"A Guide to Health, Beauty, Riches, and Honour" by Francis Grose (1783)
A facsimile of Francis Grose's "A Guide to Health, Beauty, Riches, and Honour" (1783). Accessed in Tisch Library Special Collections. A collection of British newspaper advertisements from 1730-1750, with an eight-page preface by Grose. The text was rebound in the late 19th Century for Edward and Hugh Doggett to include a copy of George Paul's "Thoughts on the Alarming Process of the Gaol Fever." The text is written in English, but contains several untranslated entries in French. Each entry has a capitalized number and title stating what it pertains to, as well as an italicized publication name and date.
The purpose of the text is to satirize the charlatanism present in 18th Century British advertisements. Grose presents a collection of British newspaper advertisements pertaining to categories from medical treatments to offers of marriage, in order to display the outlandish effects of the society’s increasing focus on consumption. By collecting antiquarian ephemera and employing a satirical tone in his writing, Grose’s guide reflects on eighteenth-century British society for what it was, criticizing the preoccupation with wealth and status during a time of supposed prosperity.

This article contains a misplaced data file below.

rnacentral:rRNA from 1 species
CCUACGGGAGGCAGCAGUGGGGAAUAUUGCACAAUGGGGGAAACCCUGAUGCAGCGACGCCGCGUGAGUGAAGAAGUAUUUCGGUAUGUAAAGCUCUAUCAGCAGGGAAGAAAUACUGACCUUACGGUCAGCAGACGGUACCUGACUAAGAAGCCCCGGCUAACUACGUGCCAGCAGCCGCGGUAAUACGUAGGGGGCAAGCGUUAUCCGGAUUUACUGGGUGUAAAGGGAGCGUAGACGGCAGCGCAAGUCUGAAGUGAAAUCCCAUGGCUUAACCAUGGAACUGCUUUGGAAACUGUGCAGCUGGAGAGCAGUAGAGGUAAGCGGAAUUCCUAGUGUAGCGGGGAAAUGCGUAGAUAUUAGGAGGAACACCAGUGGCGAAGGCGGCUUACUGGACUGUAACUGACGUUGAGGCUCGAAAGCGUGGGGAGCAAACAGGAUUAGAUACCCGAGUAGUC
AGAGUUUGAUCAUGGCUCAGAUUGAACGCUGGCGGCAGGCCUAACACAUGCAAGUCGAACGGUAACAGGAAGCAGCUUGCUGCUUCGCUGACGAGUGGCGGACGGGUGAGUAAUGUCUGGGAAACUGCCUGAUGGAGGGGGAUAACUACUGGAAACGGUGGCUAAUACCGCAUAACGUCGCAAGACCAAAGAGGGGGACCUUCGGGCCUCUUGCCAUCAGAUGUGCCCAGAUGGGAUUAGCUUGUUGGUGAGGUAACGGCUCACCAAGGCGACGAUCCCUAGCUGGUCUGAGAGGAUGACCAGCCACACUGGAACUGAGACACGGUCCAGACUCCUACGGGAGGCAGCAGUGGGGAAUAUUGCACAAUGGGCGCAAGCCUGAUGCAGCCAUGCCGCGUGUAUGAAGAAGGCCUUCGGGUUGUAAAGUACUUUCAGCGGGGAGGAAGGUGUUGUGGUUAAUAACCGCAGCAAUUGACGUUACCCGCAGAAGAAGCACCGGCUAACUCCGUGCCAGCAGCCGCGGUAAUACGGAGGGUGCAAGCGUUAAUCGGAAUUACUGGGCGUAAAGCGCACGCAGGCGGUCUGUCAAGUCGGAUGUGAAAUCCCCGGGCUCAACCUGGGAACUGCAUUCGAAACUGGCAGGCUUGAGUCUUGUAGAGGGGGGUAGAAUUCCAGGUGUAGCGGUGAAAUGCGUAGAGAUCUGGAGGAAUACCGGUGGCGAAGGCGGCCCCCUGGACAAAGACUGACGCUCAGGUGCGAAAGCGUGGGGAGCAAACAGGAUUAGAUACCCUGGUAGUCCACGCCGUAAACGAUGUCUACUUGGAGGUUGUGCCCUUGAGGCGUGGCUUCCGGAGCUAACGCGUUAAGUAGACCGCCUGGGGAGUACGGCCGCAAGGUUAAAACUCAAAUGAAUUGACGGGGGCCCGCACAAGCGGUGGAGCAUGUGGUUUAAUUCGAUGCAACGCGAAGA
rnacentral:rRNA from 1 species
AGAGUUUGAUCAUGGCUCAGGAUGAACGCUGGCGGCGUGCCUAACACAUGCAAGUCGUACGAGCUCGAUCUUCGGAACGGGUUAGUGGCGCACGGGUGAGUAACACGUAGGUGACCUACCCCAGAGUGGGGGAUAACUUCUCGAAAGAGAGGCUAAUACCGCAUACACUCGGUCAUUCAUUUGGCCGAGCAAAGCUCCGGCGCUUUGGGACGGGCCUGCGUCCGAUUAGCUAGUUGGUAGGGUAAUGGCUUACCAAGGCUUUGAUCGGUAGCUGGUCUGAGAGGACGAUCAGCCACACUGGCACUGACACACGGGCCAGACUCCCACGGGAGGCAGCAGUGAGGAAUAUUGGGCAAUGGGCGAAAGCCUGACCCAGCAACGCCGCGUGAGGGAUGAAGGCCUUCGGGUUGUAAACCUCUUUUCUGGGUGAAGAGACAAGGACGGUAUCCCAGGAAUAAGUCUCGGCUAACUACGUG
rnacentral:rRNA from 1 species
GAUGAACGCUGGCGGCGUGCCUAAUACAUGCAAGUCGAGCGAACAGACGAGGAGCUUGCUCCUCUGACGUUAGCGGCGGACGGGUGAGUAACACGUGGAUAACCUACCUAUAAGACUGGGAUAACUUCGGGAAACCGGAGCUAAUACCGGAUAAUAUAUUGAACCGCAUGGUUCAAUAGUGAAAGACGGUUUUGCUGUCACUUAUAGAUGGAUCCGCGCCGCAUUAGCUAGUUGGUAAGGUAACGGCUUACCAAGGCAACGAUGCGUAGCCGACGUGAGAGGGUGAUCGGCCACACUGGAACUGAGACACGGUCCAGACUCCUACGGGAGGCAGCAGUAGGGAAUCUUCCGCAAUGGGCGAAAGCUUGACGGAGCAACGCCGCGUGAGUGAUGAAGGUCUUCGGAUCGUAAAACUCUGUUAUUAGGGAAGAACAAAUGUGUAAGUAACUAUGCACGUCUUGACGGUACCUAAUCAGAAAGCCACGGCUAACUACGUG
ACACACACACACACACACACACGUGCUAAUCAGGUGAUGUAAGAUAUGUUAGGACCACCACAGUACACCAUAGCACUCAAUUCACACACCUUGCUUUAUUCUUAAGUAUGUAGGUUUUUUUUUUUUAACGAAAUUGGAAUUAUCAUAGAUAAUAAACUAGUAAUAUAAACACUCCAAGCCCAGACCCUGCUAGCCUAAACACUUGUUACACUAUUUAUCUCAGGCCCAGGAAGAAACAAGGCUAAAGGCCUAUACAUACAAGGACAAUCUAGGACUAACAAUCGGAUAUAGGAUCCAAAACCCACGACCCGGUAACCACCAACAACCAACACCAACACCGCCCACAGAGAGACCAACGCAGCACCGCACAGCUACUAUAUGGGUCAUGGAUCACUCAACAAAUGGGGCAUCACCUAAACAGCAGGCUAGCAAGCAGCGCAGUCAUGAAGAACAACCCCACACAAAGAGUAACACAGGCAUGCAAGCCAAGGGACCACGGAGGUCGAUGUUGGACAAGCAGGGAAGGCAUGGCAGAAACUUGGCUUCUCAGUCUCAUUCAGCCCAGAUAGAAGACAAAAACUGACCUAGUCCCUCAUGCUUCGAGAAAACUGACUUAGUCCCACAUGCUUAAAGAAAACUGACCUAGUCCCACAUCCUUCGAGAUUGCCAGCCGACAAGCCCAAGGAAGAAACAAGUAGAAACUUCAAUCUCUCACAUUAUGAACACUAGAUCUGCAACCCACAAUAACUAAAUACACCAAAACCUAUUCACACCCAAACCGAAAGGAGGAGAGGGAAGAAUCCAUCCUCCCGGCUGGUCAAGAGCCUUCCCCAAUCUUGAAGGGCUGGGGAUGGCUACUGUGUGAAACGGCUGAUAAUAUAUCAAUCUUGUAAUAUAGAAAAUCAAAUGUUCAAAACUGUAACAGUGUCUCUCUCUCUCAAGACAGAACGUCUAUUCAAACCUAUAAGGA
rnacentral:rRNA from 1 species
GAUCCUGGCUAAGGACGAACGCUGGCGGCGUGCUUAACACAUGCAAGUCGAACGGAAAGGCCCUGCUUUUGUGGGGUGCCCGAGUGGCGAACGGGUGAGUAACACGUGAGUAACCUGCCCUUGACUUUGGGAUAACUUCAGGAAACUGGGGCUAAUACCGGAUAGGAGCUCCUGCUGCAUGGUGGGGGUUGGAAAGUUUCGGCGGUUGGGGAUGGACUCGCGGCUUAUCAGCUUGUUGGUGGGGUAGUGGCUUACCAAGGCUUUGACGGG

Exhibit by Suzie Ting. A collaboration of Tisch Library Special Collections and students in History 96: History of the Book, taught by Professor Alisha Rankin at Tufts University, Spring 2017.